Fruit cup: Cool, sweet, nutritious
When you have a moment to do some prep work, wash and slice any fruit you desire, from apples, bananas, and grapes to melons, mangoes, kiwis, and strawberries. Aim for about one cup of each fruit. Toss together in a large bowl. Stir in a couple of tablespoons of lemon juice, which helps prevent browning and provides a zing of flavor. Eat plain or mix with your favorite flavor of yogurt for a filling meal. You can also add a little granola, wheat germ, or other cereal.
Cheese and crackers: Calcium and protein
Cocktail party grazing isn't a bad alternative when speed is of the essence. Stock up on your favorite crackers, from organic exotics to basic saltines. Buy several kinds of your favorite cheese, sliced from the deli counter if possible, to save time. When hunger hits, grab a handful of crackers, several slices of cheese, and arrange on a plate. Sliced cucumber, tomato, apple, avocado, pickles, and luncheon meats make great companions, if time allows.
Scrambled eggs: Not just for breakfast
The basics for scrambled eggs are pretty simple. Beat a couple of eggs in a small bowl with a fork. Season with salt and pepper. Pour in a skillet (nonstick is best) with a little butter, margarine, or oil and cook over medium heat, stirring gently and scraping along the bottom of the pan until cooked. Cooking time: a couple of minutes, at most. Great with toast, of course. Now, make it even better by adding chopped vegetables (green pepper, zucchini, onion, and tomato are particularly good), or cheese, meats, salsa, crumbled tofu, and even raisins and nuts. If you have leftover cooked veggies, warm them for a moment in the microwave or in a pan, and add them to your scramble. Or cook with potatoes (see "baked potatoes," above).;
Prosciutto and melon: Sweet-salty combo
Buy 1/2 pound of prosciutto sliced thin at the deli counter (or buy packaged thin slices) and a ripe cantaloupe. Cut the melon into bite-sized pieces, then roll each in a slice of prosciutto. Use toothpicks to hold it together for easy snacking.
Salsa: The condiment that does it all
Keep a tub of good-quality salsa handy for flavorful meals in a hurry. Look for fresh salsa in the refrigerator section of the grocery (it's usually tastier than the salsas in jars). To mix up some quick guacamole, mash a ripe avocado with some salsa; add a spoonful of plain yogurt and some minced garlic, if you like. Enjoy it with baked corn chips, or scoop it up with celery sticks, raw zucchini wedges, or rice cakes.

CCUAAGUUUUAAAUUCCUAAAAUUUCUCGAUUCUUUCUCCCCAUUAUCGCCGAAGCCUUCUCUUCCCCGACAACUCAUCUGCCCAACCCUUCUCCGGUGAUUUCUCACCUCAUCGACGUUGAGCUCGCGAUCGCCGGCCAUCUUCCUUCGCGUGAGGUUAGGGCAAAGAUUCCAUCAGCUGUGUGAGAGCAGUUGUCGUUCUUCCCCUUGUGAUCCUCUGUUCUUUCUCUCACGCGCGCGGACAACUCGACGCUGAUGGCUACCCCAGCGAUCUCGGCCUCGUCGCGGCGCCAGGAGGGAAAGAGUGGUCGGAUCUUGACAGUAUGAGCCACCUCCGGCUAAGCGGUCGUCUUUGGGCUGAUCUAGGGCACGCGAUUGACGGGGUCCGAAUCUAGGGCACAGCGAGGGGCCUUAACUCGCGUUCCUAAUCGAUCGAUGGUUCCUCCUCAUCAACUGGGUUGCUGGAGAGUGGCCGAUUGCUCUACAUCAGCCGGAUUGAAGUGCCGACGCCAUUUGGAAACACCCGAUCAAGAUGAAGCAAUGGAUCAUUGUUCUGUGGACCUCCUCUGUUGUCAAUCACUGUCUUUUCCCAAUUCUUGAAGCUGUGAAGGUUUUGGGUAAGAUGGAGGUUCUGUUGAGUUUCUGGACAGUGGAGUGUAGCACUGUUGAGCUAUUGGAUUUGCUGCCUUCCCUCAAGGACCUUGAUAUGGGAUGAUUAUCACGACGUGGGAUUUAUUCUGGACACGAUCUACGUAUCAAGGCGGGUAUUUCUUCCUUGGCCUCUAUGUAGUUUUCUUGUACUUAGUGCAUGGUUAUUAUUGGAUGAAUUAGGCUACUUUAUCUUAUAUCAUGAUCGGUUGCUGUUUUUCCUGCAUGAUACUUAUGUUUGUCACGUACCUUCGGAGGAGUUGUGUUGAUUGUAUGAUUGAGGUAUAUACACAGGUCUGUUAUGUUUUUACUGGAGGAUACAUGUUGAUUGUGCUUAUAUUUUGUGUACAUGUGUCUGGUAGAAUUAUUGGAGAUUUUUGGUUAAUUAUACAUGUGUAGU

Fruit smoothies: Vitamins and fiber from a blender
Keep some fresh fruit on hand. Bananas, ripe peaches, mangoes, and sweet berries are great in any combination. If your favorite summer fruits are out of season, keep a few packages of frozen fruit in your freezer. Blend up right out of the freezer for a frosty drink.
Smoothies can be made with a milk, milk substitute, or juice base. Note: Milk and fortified milk substitutes such as soy, almond, and rice milks offer a healthy dose of calcium plus vitamin D and other nutrients. (Not all milk substitutes are fortified with calcium and vitamin D; check the label.) Juice is high in sugar and less nutritious.
Pour 1 cup of milk or juice into the blender. Add about a cup of fruit, any mix you like, and a bit of honey if needed, and blend until smooth. If it's too thick, add more liquid. Try orange juice with pineapple and strawberries or milk with banana and blackberries. You can add plain yogurt for a thicker and extra nutritious drink. A dash of cinnamon or vanilla extract adds flavor.
If you have ripe bananas that you can't eat before they spoil, peel them, cut into chunks, and keep in your freezer. Frozen banana in a smoothie makes a thick, creamy drink that's as good as a milkshake. Try a milk-based smoothie with frozen banana and a tablespoon of peanut butter. For added decadence, blend in some instant cocoa powder.